BS: Natal is obviously a much more inclusive type of environment for players. How do you foresee Microsoft as a company trying to attract people to it? Is the scenario: the box is in the home on the back of the hardcore kid who bought it, and now the mom is going to be interested in it? How do you see yourselves pushing that forward?
SK: All of the above. I do think that today, obviously, given the core gaming base that we have -- we have 30 million Xbox 360s out there today -- we've already seen this with NXE and Netflix, that there's greater usage in existing Xbox 360 homes. Do I think it's helping sell Xbox 360 more people? Absolutely.
But where we're seeing a lot of benefit is in those existing homes, where we're getting great usage, and I do think that's part of the reason why our Live membership has grown so much now to 20 million members.
In the future, as we continue to add more content, we expand the social networking integration, and create gaming experiences like Natal -- based on Natal for a broader audience -- I think you're going to see Xbox 360 become much more appealing to a much wider fan base.
BS: The social networking and the accessibility, it strikes me more as something that would support people that came to the console that were more casual -- rather than drawing them in, necessarily.
SK: That's right. You know, I'd love for this to be the case, that people went out and bought a 360 and said, "I did it specifically because I want to have the Facebook experience on my television instead of on my computer." But the more that we add functionality like Last.fm, like instant-on 1080p HD, and so on and so forth, I think it really starts to make those kind of scenarios more realistic.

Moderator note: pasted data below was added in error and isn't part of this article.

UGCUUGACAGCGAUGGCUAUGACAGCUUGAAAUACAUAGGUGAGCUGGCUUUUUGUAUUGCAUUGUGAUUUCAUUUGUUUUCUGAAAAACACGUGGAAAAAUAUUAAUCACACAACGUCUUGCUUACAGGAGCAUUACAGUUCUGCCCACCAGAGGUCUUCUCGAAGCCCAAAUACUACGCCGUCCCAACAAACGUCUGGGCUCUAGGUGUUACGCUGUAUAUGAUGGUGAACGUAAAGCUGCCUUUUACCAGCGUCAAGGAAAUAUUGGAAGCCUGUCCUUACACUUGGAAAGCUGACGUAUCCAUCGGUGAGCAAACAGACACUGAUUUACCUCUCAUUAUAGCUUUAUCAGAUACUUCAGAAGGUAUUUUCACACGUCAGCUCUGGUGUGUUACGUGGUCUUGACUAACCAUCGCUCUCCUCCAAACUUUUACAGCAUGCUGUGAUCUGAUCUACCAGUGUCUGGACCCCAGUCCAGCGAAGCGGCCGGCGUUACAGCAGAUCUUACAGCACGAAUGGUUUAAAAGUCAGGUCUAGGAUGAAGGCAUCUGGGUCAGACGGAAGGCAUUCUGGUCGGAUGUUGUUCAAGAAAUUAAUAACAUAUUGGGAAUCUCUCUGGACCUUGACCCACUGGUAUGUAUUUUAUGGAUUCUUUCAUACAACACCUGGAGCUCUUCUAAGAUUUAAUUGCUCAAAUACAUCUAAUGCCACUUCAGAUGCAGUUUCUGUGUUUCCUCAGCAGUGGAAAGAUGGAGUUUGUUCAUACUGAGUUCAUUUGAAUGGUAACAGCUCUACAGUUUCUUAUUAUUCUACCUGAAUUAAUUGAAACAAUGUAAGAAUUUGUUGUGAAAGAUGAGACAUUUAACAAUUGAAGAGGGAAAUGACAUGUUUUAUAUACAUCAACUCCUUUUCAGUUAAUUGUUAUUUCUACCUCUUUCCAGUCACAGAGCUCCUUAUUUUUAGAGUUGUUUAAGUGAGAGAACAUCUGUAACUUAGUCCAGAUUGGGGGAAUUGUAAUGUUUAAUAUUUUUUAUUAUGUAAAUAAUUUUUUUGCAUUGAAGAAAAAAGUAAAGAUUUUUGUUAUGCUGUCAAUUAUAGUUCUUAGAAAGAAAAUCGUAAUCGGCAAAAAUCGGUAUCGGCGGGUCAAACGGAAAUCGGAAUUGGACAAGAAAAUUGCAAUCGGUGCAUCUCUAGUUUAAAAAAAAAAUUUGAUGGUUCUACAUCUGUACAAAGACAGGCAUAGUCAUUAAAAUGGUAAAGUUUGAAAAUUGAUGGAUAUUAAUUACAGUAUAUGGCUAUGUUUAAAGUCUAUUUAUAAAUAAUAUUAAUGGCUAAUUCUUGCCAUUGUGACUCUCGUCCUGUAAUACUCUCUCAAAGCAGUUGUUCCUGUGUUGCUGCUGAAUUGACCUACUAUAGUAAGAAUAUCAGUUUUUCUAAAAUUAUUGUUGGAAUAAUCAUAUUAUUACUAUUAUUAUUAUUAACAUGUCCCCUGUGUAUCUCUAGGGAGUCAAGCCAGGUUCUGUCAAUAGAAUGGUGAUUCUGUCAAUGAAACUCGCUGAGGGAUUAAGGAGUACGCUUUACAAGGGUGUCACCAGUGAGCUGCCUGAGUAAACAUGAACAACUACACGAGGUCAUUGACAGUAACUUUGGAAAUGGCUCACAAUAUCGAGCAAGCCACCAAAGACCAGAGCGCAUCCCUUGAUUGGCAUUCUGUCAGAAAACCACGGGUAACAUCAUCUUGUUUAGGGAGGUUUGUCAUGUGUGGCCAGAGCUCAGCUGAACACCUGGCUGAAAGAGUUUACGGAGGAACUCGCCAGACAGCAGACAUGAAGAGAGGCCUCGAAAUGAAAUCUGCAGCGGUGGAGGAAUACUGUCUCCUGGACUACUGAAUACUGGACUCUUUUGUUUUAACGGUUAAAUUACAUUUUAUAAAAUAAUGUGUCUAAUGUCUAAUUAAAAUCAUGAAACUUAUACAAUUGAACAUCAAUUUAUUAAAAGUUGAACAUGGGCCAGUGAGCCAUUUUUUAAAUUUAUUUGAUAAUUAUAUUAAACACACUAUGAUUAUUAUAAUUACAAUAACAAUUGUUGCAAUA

You look at what we're doing in the UK with SkyTV. With Sky, we're delivering live television programming now over Xbox Live, something we don't do in the U.S. today. That's again another compelling reason why you might go out and buy an Xbox 360 even if you're not a core gamer.
BS: Will Natal be usable on arcade consoles that don't have a hard drive?
SK: Yeah, I believe that.
KG: How far off is it? I'm sure there's no specific date, but you're showing it here, so?
SK: No. There's no specific date. It's not in 2009, but we have delivered development kits this week, so it's more real than not. That was not concept technology. That's real technology. We wouldn't be able to send dev kits for partners if there wasn't anything to start building off.
So, there's still a lot of work for us. There's no question about that. We feel really good about the progress that we've made. We've been working on it for quite some time. Now was the right time to unveil it to everybody, and I think the reaction that we received validates that decision.
KG: How does the marketing shift? It seems like it's going to aggressively evolve once Natal changes the situation. You and I have talked about going after casuals before -- but this goes way beyond just launching Banjo-Kazooie.
SK: Oh yeah. It's going to be the launch of Xbox 360.
KG: It's going to be like a relaunch?
SK: Absolutely. It will be that big. Now, the good news is that it's not a new hardware architecture; we're not forcing customers to have to go buy a new console because it will work with every existing Xbox 360 out there. But in terms of its importance and scale of what we're talking about, yeah, absolutely, it will be like the launch of a new Xbox.
|Sander van Rossen|